In deciding whether a force majeure clause applies, the parties should review the words in the lease carefully to determine whether the events inhibiting lessee compliance are included within the scope of a force majeure event.
Some force majeure clauses appear quite broad. For example, the Williams and Meyers treatise on oil and gas law quotes one force majeure clause as excusing performance for “any cause whatsoever beyond the lessee’s control” and another as excusing performance for “lack of market reasonably satisfactory to lessee for production from the premises.” Such broad-form force majeure clauses certainly could apply if a severe pandemic significantly impacted a lessee’s operations, particularly when coupled with historically low commodity prices.
Another, potentially broad, force majeure stipulation is the “act of God” provision. However, jurisdictions differ on what exactly constitutes an act of God. For example, while some courts have interpreted the term narrowly to include only acts occasioned by the “force of elements,” other sources, such as the U.S. Code, define the term more broadly as including certain natural phenomena.
In contrast, other force majeure provisions appear more targeted, applying to an enumerated set of events. For example, some versions of force majeure clauses excuse lessee compliance if such compliance was prevented by “law, order, rule or regulation.”
In an effort to slow the spread of COVID-19, several states and jurisdictions have issued shelter-in-place or other stay-home orders to employees of nonessential businesses, which (depending on the definition of essential) may include certain employees of oil and gas production companies and associated contractors. Defining force majeure events as including government orders can make an executive order limiting the number of workers on a well site a force majeure event. Another example (particularly in a low commodity price environment) of a law, order, rule or regulation that may trigger the force majeure clause in certain instances is bankruptcy.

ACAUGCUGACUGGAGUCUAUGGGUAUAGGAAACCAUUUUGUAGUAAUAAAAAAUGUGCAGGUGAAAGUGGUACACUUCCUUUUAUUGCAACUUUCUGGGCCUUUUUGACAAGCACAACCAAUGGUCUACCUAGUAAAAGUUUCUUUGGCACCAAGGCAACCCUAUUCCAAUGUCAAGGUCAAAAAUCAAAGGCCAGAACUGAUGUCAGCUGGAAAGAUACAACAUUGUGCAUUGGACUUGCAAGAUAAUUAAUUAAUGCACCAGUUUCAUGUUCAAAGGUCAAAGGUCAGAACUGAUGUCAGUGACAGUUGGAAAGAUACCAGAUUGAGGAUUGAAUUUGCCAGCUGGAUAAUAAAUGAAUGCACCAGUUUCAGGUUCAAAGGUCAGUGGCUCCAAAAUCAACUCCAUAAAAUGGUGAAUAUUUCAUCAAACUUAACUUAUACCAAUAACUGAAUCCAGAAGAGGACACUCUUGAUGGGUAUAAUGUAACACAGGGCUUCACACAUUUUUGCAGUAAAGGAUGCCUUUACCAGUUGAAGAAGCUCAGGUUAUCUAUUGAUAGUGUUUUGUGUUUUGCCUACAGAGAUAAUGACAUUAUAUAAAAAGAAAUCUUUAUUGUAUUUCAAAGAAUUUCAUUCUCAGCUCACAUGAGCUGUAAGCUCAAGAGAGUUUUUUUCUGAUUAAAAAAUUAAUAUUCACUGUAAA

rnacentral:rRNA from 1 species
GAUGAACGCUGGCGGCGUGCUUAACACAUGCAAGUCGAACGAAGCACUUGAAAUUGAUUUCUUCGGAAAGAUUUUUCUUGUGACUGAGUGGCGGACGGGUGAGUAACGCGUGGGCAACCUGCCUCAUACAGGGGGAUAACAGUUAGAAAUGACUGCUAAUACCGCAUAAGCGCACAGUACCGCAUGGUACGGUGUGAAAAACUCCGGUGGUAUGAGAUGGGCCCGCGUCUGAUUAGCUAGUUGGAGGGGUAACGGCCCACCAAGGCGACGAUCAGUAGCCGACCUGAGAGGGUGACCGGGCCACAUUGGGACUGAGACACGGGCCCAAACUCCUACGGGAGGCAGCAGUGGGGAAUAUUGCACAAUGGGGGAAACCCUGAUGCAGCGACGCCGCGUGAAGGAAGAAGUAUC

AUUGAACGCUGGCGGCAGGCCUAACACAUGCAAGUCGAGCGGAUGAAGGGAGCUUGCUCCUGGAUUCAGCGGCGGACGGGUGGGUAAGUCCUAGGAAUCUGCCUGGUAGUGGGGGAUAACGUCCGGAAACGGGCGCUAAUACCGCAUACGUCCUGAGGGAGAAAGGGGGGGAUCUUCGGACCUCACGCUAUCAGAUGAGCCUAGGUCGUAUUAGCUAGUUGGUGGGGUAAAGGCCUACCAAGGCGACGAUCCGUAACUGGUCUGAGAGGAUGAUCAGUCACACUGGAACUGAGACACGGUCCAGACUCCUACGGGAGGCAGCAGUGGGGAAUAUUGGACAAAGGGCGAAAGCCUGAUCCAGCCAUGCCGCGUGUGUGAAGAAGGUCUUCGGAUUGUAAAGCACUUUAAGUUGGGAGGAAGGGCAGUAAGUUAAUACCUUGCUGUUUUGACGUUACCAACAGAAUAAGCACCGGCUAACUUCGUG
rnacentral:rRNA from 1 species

A minority of force majeure clauses specifically define force majeure events as “epidemics or quarantine regulations”–which almost certainly apply if lease performance was made impossible by the coronavirus or a quarantine order. Given the geographic breadth of quarantine orders and regulations issued concerning COVID-19, lessees may re-examine the scope of their standard force majeure provision to ensure the scope is broad enough to encompass future widespread illnesses that disrupt field activities and office work. In the future, the oil and gas industry may see more form leases with language specifically enumerating pandemics, epidemics, quarantine regulations or other widespread illnesses as force majeure events.
Not Always Impossible
A force majeure clause does not always apply simply because a circumstance constitutes a force majeure event. For example, a tornado generally constitutes a force majeure event, but it may not inhibit lease operations if there is no direct impact to the well pad.
Again, the specific words used in the clause are important. While some force majeure clauses require that the force majeure event make lease compliance “impossible,” others only require that the force majeure event make compliance “unreasonable.”